So you do the above six times (twice --- arithmetic and geometric --- for each of the three possible choices of "first two"), and the above takes linear time.

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Good algorithm. Was getting some problem in finding gcd of double but somehow managed due to some constraints. Thanks –  user1814037 Dec 11 '12 at 0:38

Let's assume a sequence must contain at least 2 numbers. Here is a more or less brute-force approach:

  • calculate the difference of each pair of numbers: this gives you a finite number of possible differences (lets call that number set D). One of that differences must be the constant difference of the AP

  • also, calculate the of ratio each pair of numbers: this gives you a finite number of possible ratios (lets call that number set R). One of that must be the constant ration of the GP

  • Choose each pair (d,r) out of D x R. Test if you can find an AP beeing a sub-sequence with constant diff d and and a GP sub-sequence with constant ratio r, so that the union of both sub-sequences form the original sequence.

For the last step, you have to consider that there may be more than one possible subsequence for a given d or r. However, you can do better than just generating all possible sub-sequences if you make use of that fact that at least one of the two sequences must contain the first of all numbers, and the second one must contain one of the numbers which is not contained within the other sub-sequence.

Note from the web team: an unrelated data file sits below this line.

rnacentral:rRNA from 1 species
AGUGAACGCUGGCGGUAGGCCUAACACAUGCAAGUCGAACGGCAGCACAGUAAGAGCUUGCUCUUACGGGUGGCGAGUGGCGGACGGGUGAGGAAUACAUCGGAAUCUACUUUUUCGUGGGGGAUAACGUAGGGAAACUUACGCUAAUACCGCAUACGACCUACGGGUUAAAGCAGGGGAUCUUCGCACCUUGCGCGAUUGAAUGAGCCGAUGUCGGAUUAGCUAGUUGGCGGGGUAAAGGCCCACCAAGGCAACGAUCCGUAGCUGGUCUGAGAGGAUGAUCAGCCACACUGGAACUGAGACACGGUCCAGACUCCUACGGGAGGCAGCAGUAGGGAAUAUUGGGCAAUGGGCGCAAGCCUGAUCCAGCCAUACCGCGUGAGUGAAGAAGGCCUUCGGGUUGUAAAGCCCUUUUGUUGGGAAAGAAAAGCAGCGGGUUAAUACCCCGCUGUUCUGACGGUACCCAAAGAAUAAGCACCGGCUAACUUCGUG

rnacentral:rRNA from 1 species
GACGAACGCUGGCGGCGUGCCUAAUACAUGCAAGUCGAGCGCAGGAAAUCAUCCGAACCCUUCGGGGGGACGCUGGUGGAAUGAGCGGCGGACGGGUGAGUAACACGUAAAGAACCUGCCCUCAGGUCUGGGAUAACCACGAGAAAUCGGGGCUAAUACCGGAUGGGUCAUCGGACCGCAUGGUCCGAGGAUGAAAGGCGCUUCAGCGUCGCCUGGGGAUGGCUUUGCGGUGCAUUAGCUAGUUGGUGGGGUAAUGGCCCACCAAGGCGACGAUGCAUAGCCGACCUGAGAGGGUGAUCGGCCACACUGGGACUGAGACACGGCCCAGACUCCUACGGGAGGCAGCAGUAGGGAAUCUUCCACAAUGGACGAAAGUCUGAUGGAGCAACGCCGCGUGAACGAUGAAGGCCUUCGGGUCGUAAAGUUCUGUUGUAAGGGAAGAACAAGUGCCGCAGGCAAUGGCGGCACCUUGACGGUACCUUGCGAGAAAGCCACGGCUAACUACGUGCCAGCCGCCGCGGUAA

For instance, when using your example above, the set D will contain 2 (and some more numbers), and R will contain 2, 2.5, and some more numbers. Testing d=2, r=2, will lead to the AP 2,4,6,8,10,12, but the remaining number 25 is not part of a GP with at least two numbers and r=2 (neither 50 nor 12.5 is part of the given number set). However, when the next test is d=2, r=2.5, you will easily find the solution above.

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That's an O(n^5) solution, maybe worse. There has to be something better. But it is a solution, so +1. –  David Hammen Dec 7 '12 at 15:29

You can try some method to find the longest arithmetic progression. Here is simple DP solution with quadratic complexity, and full pdf document contains clues to (theoretically) more effective method.

This method is applicable to geometric series to (checking A[i] + A[k] = 2*A[j] turns into A[i] * A[k] = A[j] * A[j] and so on..)

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You don't necessarily want the longest arithmetic progression, though. Consider 2 4 6 8 16 32 64 128 200; you want the powers of two in the geometric progression and you want the arithmetic progression to be 6 200. –  tmyklebu Dec 7 '12 at 15:09

I would rather interpret your example as
AP: 2,4,6,8,10,12
GP: 25
as this is a valid interpretation as well and easier to find.

I'd first look at the first three integers. Let's call them a, b and c.

  • If b - a = c - b, you can assume that this is the step width of your arithmetic series, and the geometric series has not started yet.